AÏDA MULUNEH: I focus primarily on four colors, which is red, blue, yellow, white and black. I come from a classical, black and white photographer you know, my mentors were all classical photographers. And then also coming from a photojournalistic world, you know, there's a specific language and that exists within photojournalism. And the one person who sort of led me into this path was the curator Simon Njami, who basically had a project called The Divine Comedies, in which, you know, he selected artists from across Africa and we had to do sort of our interpretation of Dante's Divine comedies. And at that time, I felt a bit insecure as it relates to if I should go back to my black and white or if I should do something new. And then I decided, okay, let me just do this and see, you know, what Simon says about it? It took me, I think, a few years, then it clicked that the reason I migrated towards these primary colors because these were sort of the foundation that I grew up in as it relates to Ethiopian church paintings. So when you look at the Ethiopian Orthodox Church, a lot of our wall paintings are really based on these strong primary colors, and that has somehow seeped into my subconscious. And it's just after the audience kept asking that I realize, OK, I'm attracted to these colors not because they say just something only to me, but also this was also a reflection of the heritage that I was coming from, which took me a while to realize how that had sort of entered into my mind. 

ABDUL-REHMAN MALIK:  Do you remember that photograph where these colors and that realization came together? Is there, is there a certain picture you could describe for us where in a way, your aesthetic, Aida Muluneh's aesthetic, begins to emerge and makes sense not only to you as the artist, but to us as the viewer?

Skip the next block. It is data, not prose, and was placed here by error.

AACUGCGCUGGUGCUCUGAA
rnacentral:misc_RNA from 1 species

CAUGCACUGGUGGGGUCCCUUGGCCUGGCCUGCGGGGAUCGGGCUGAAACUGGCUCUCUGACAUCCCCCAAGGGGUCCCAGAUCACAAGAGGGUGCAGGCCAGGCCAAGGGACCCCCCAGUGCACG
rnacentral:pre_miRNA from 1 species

AÏDA MULUNEH: I think that comes about when I did The World Is Nine collection. And that collection was dedicated to my grandmother, who would always say “the world is nine, she's never a perfect 10.” There's a lot of process that goes into creating my work. So for example, I start with a sketch, then from the sketches, you know, the symbols and the components that I want to add in there. And then the background -- if we're not using an actual location, I actually have artists paint for me the backgrounds, because I've found that when you have a real background, it has a different sort of feeling to the image. Because in the beginning I was photoshopping backgrounds and then I realized, no, let's start painting the background. So right now, what we do is we paint the background and then we go and edit certain things. And I sort of have this belief is I'm trying to perfect the imperfection, so there are small imperfections within the work that I feel moves us into the analog experience as opposed to just a straight digital because my work tends to be very poppish, ya know? But I believe it was when I did, The World is Nine that I just said, OK, I'm just going to focus on these colors because I have so many other things to think about, and I don't want to bombard myself with a full palette. I just want to focus on what I feel passionate about. And I realized red became, you know, the color that I became obsessed with and then blue as well. So in that collection, you'll see this appearance of red and blue. And then with moments of yellow, that enter within that.